My friend and long-time collaborator in studying the history of the philanthropic foundation, Barry Karl, cautioned me that “historians cannot predict the future, they are not even very good at predicting the past.” Wise words, and I have tried to keep them in mind for the forty years in which I have been thinking about the history of foundations. But even though history may not tell us exactly where we are going, it can surely tell us how we got there – and that should help to guide us along the way.
The history of modern philanthropy is only a little more than a century old, but we have seen significant change over the period. The intellectual origin of the philanthropic foundation form was the desire of ultra-wealthy business people like Andrew Carnegie and John D. Rockefeller, Sr. to find a scientific method for donating their wealth so that it would improve the lot of humanity. Their instinct was that the problems that beset human society could only be eliminated by determining their originating causes. When those root causes were identified, strategies could be developed to eliminate or mitigate them. The best mechanism for this task, they believed, was to employ the (then) newly emerging resources of academic research. And so they built grant-making organizations competent to identify significant social problems and to identify grantees (frequently university researchers) to seek out the causes of these problems, and possible solutions for them. These new organizations (nothing like them had existed before) took many forms, but they were mostly perpetuities governed by donor-selected boards of trustees who approved broad grant-making programs which were administered by newly professionalized staffs.
This was the basic model of the private philanthropic foundation until late in the last century, when both new forms of grant-making organizations and new grant-making strategies began to emerge and to transform the field of foundation philanthropy. Subsequent blog posts on HistPhil will explore the range of activities of the traditional philanthropic foundation, and their successes and failures, but I would like to lead off our discussion by showing the ways in which the term “foundation” has come to take on some very new forms and meanings. Let’s use what is most recently called the Bill, Hillary and Chelsea Clinton Foundation as an example of how history can help us to understand what is new and different in this iteration of the foundation form.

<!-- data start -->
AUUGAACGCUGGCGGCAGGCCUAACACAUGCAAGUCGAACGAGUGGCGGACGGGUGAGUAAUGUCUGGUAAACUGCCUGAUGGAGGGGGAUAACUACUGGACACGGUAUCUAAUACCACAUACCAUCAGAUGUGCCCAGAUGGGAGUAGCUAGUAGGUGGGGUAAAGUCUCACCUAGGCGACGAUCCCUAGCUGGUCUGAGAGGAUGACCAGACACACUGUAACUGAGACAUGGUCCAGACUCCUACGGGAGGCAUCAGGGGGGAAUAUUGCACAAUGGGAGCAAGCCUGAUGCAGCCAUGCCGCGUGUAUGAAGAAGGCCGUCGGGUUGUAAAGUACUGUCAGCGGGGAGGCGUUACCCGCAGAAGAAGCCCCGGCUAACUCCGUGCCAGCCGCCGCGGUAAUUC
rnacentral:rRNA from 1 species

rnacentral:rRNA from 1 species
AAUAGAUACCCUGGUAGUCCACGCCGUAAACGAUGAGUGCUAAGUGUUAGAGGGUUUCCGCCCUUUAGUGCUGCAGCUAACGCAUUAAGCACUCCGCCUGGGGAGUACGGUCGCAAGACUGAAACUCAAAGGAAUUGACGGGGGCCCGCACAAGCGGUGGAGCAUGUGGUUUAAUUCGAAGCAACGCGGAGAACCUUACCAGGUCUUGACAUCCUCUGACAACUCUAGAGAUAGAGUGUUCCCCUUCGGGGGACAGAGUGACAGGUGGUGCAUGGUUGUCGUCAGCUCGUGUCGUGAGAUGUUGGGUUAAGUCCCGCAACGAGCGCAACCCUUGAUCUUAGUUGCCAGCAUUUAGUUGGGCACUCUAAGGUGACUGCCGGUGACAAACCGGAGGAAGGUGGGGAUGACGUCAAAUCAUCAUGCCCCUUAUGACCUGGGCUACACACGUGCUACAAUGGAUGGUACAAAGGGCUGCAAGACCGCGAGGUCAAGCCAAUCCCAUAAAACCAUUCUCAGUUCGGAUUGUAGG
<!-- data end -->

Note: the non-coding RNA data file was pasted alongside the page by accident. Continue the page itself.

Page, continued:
The Clinton Foundation (which is actually now a consortium of interrelated organizations inside and outside the United States) is not legally a “private” foundation. It is a “public” foundation, which means that it is permitted to seek funds from donors – rather than being funded by a single wealthy donor. When Bill Clinton began the Foundation he was not a wealthy person (at least by the standards of contemporary America). He was a newly-rich and super-famous former politician who had discovered that he could make significant amounts of money by making speeches to well-heeled organizations around the world. He also discovered that he could induce truly wealthy individuals, corporations and countries to make gifts to his Davos-inspired foundation. The source of Clinton Foundation funding, which is solicited to fund ongoing programs designated by the foundation (but not normally managed by the foundation) is thus industrial strength fundraising. In effect, what Clinton (and subsequently his wife and later his daughter) have done is to take the American tradition of mass giving and transform it into an elite international enterprise. The Clinton Foundation is thus a sort of massive expansion of the Easter Seal or the March of Dimes techniques — Davos meets philanthropy. But although the Foundation has a board, it appears to be driven entirely by Bill Clinton and his family. Neither John D. Rockefeller or Andrew Carnegie, who were old men by the time they established their foundations, by contrast, sought to determine their programmatic decisions. Granted, John D. Rockefeller Sr. and Jr. and Andrew Carnegie played roles in their foundations both by selecting the members of their organizations’ boards and by expressing their funding preferences in these organizations during their lifetimes. However, the Rockefellers and Carnegie had established these organizations with broad missions such as promoting the well-being of mankind. These founders wanted their organizations and their trustees to go far beyond their own idiosyncratic preferences. Of course, their board members remained aware of the founders’ preferences, but also felt empowered to move beyond them in order to meet their grand missions. Unlike the Clintons, these founders structured their organizations in such ways so that they would quickly outgrow their founders’ preferences.